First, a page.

Public health grad inspired by inner-city youth

    School graduate Ali Assi's public health journey has taken him from Lebanon to inner-city Edmonton.

    By Donna Richardson on June 9, 2015

    When we’re asked who or what has influenced our life choices, it’s not unusual to think of people who have inspired us in our journey. But, once in a while, our greatest inspiration comes from the most unexpected places.

    This is the case for Ali Assi, a member of the School of Public Health graduating class of Spring 2015.

    Assi says that there have been a few “defining moments” along the way which led him from his homeland of Lebanon to study public health at the University of Alberta.

    First, there was the World Red Cross Day he attended at the age of 17, where youth volunteers spoke about the programs in which they were involved, such as HIV / AIDS education and traffic safety programs.

    “In a war torn country such as Lebanon,” explains Assi, “the work of the Red Cross is so important for the survival of the citizens.”

    His exposure to the Red Cross programs piqued his interest in public health, and Assi began volunteering with the humanitarian group. The experience influenced Assi’s decision to study medicine—another opportunity to develop skills where he could help people.

    As a student at the Ryazan State Medical University in Russia, Assi was learning the skills needed to diagnose and treat patients who were affected by illness and disease. But, throughout his learning, he found himself asking “why.”

    In his last term, Assi was formally introduced to public health through his coursework. “I began to understand more about why people experience preventable chronic diseases and other illnesses,” he explains.

    “When in Lebanon, I missed a crucial point about the impact that poverty, displacement and lack of education can have on a community. I did not understand that these factors are the cause, rather than the outcome, of compromised health," says Assi. “After studying medicine in Russia, I wanted to understand the underlying causes of illness.”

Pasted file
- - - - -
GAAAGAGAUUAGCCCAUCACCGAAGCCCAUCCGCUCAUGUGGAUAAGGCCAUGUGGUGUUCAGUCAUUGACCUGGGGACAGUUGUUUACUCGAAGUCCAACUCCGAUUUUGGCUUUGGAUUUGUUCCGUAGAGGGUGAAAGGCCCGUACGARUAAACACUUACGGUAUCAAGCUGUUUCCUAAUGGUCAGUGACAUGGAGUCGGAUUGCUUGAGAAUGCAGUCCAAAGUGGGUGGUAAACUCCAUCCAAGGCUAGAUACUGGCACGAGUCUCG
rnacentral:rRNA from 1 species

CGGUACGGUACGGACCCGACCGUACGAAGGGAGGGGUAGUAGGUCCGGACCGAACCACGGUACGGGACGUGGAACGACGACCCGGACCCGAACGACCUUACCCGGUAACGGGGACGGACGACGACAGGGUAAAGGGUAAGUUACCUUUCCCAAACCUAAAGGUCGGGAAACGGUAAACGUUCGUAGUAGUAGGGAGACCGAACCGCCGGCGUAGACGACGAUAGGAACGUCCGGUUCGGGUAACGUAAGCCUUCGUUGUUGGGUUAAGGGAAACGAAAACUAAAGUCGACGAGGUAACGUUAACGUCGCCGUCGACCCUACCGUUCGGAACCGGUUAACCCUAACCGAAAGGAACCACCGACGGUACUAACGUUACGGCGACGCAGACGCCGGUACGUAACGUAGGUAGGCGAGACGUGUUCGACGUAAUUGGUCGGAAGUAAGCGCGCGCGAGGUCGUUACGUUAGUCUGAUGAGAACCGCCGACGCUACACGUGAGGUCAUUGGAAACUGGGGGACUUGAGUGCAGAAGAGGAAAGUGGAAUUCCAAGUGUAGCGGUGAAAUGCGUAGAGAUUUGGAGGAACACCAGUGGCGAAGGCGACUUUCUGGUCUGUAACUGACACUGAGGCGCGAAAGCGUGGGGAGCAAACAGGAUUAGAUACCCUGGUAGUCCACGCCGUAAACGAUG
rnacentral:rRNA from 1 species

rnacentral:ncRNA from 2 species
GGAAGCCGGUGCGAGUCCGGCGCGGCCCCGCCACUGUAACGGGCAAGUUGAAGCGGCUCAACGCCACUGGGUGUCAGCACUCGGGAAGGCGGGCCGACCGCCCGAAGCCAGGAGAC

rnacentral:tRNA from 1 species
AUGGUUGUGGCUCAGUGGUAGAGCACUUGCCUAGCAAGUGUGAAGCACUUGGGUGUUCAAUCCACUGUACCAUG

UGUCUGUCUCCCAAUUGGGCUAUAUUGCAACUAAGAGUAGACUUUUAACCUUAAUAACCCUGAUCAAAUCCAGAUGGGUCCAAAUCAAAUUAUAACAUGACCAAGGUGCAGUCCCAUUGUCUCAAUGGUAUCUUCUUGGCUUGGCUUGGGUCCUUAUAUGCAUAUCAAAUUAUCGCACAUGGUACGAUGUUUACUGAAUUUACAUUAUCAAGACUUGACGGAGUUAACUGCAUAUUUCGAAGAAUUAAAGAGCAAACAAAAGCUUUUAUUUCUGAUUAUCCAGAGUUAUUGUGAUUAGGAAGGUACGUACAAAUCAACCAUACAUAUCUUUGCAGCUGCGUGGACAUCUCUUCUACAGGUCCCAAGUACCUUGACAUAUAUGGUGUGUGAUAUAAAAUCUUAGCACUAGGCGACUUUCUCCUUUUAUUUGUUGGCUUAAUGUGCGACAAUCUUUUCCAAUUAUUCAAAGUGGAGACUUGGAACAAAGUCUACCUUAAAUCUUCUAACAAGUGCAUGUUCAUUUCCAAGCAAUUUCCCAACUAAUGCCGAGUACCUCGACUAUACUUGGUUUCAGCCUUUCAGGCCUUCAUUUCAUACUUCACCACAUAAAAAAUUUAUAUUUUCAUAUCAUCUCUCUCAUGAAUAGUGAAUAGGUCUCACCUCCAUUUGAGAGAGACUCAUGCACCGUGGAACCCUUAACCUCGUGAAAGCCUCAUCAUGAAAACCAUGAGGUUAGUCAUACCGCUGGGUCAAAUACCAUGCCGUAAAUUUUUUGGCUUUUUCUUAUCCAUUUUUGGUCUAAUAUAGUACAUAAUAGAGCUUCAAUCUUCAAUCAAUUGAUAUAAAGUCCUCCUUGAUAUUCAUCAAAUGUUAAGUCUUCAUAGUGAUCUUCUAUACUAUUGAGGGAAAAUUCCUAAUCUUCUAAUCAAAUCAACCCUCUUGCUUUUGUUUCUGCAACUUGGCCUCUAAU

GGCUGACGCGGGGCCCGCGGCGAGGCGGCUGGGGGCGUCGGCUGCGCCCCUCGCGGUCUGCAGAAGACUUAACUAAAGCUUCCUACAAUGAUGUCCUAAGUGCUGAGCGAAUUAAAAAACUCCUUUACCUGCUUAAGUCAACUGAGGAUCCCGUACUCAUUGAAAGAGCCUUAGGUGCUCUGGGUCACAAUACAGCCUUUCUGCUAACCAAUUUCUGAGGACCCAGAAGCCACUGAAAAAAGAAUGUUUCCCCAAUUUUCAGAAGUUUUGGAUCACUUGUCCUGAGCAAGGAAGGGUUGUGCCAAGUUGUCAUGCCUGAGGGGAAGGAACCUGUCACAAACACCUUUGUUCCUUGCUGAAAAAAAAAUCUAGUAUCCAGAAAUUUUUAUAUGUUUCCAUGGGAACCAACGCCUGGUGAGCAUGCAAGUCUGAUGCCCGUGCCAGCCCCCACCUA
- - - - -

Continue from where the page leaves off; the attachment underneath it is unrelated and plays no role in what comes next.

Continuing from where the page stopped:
Could something be done to prevent the illness in the first place, he wondered?

    “I realized that additional training in public health, coupled with my medical degree, would allow me to help more people because I could be working with communities and populations.”

    According to Assi, Canada is a pioneer in public health. So, it seemed logical to look for a graduate program there to develop his skills. In 2013, he was accepted into the master of public health program in global health.

    It was while working on his capstone project with iHuman Youth Society that Assi met people who changed his personal outlook and helped him confirm his passion for public health.

    iHuman Youth Society is a non-profit organization that engages Edmonton’s youth who face high-risk lifestyles. Their goal is to reintegrate youth into the community by developing skills, self-esteem and a sense of worth. Strategies include mentorship, crisis intervention and targeted programming, including Uncensored, a drama-based project.

    Uncensored allows youth to tell their stories through drama,” says Assi. “The result is that they teach the audience about their situation and we get to see and feel their experiences.”

    The project was developed to teach service providers about the challenges faced by marginalized youth. iHuman’s executive director, Catherine Broomfield, engaged Assi to evaluate the program.

    Assi planned to conduct interviews as part of the project evaluation. He knew that, if people were going to share their personal stories with him, he’d need to get to know them and develop trusting relationships. “Before I started any interviews, I volunteered for three months in a sharing circle hosted by iHuman.”

    The result was nothing short of inspiring.

    “They told me how they were able to change, in spite of their circumstances,” explains Assi. “Youth who participated in Uncensored became more confident and began making positive life choices, such as graduating from college, making documentaries and influencing peers through motivational speaking.”

    For Assi, this was a reminder that health is more than the absence of illness. It includes, among other things, mental and emotional well-being. “These youth were able to make positive change in their lives, even though they faced great adversity,” he says.

    Witnessing these stories of life change among Edmonton’s youth caused Assi to see that highly developed countries, such as Canada, share many of the same problems as developing nations. The experience also confirmed Assi’s desire to pursue a career in public health.

    “I know that I want to practice global public health,” he says. “For me, it is a life-long calling.”